The authors say: "The results of this study show that the addition of fractionated doses of gemtuzumab ozogamicin to standard chemotherapy improves the survival outcome in patients aged 50-70 years with de novo acute myeloid leukaemia. The regimen [used in this study] allows the delivery of a high cumulative dose of gemtuzumab ozogamicin without excess toxicity. We believe that our results support the reevaluation of the place of gemtuzumab ozogamicin in available front-line therapy for acute myeloid leukaemia."

They add: "The substantial benefit of adding gemtuzumab ozagamicin is noted not only in patients with acute myeloid leukaemia who have favourable cytogenetics, but also in the larger subpopulation of those with intermediate cytogenetics."

In a linked Comment, Dr Elihu Estey, University of Washington Medical Center, Seattle, WA, USA; and Fred Hutchinson Cancer Research Center, Seattle, WA, USA, says: "Should gemtuzumab ozogamicin be approved for treatment of leukaemia? The data suggest a nuanced response. Approval seems warranted for patients with acute promyelocytic leukemia and, in combination with chemotherapy, for with favourable or intermediate risk cytogenetics, irrespective of age; in the best case scenario, cytogenetics might be used predictively. Indeed, experience with gemtuzumab ozogamicin suggests a need to move beyond focusing on an average result. Instead, emphasis needs to be placed on outcome in various subsets of this highly heterogeneous disease."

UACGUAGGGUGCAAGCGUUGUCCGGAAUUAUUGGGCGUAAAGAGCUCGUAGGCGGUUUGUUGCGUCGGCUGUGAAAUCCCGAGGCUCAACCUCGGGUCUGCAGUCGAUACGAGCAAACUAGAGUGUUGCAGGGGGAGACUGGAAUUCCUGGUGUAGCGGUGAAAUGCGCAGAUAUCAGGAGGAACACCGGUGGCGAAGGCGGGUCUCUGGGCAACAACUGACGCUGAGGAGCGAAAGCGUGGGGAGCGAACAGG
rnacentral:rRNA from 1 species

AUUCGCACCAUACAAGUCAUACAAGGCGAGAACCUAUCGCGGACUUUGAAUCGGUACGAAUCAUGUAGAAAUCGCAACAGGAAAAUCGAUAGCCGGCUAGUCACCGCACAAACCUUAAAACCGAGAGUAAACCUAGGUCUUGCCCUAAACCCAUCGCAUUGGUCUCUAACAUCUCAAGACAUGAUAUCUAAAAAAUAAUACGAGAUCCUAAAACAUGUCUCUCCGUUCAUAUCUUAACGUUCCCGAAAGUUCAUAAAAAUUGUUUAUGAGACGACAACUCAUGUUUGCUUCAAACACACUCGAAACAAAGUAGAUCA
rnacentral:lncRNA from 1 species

Explore further: Scientists find new drug target for hard-to-treat leukaemia

More information: Study online: www.thelancet.com/journals/lan … (12)60485-1/abstract

Related Stories

Scientists find new drug target for hard-to-treat leukaemia

March 30, 2012
(Medical Xpress) -- Cancer Research UK scientists have discovered a promising new approach to treat a type of myeloid leukaemia – a cancer with limited treatment options and relatively poor survival, according to research ...

No higher risk of acute leukaemia in close relatives

December 15, 2011
(Medical Xpress) -- Parents, siblings and children of patients with the most common form of acute leukemia do not run a higher risk of developing the disease as was once believed, according to a new study from the Swedish ...

Identifying acute myeloid leukemia gene mutations may indicate risk, best treatment